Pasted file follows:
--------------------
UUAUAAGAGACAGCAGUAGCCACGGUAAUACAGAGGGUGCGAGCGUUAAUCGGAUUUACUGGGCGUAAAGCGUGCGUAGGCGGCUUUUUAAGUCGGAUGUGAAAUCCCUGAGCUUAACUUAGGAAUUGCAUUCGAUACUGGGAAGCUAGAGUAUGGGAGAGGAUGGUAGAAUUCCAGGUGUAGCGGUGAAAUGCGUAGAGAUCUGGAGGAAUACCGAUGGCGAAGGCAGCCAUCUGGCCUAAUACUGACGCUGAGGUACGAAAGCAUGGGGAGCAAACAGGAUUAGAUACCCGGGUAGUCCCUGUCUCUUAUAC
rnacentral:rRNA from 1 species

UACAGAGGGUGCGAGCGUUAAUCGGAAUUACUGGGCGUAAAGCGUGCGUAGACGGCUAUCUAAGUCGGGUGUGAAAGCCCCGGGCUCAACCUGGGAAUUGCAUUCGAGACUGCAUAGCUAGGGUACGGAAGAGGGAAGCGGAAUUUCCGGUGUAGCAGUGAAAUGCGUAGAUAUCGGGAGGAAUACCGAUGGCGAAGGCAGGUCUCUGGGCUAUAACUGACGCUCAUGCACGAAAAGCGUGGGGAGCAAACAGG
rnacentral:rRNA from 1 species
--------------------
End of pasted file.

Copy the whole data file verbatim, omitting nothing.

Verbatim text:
UUAUAAGAGACAGCAGUAGCCACGGUAAUACAGAGGGUGCGAGCGUUAAUCGGAUUUACUGGGCGUAAAGCGUGCGUAGGCGGCUUUUUAAGUCGGAUGUGAAAUCCCUGAGCUUAACUUAGGAAUUGCAUUCGAUACUGGGAAGCUAGAGUAUGGGAGAGGAUGGUAGAAUUCCAGGUGUAGCGGUGAAAUGCGUAGAGAUCUGGAGGAAUACCGAUGGCGAAGGCAGCCAUCUGGCCUAAUACUGACGCUGAGGUACGAAAGCAUGGGGAGCAAACAGGAUUAGAUACCCGGGUAGUCCCUGUCUCUUAUAC
rnacentral:rRNA from 1 species

UACAGAGGGUGCGAGCGUUAAUCGGAAUUACUGGGCGUAAAGCGUGCGUAGACGGCUAUCUAAGUCGGGUGUGAAAGCCCCGGGCUCAACCUGGGAAUUGCAUUCGAGACUGCAUAGCUAGGGUACGGAAGAGGGAAGCGGAAUUUCCGGUGUAGCAGUGAAAUGCGUAGAUAUCGGGAGGAAUACCGAUGGCGAAGGCAGGUCUCUGGGCUAUAACUGACGCUCAUGCACGAAAAGCGUGGGGAGCAAACAGG
rnacentral:rRNA from 1 species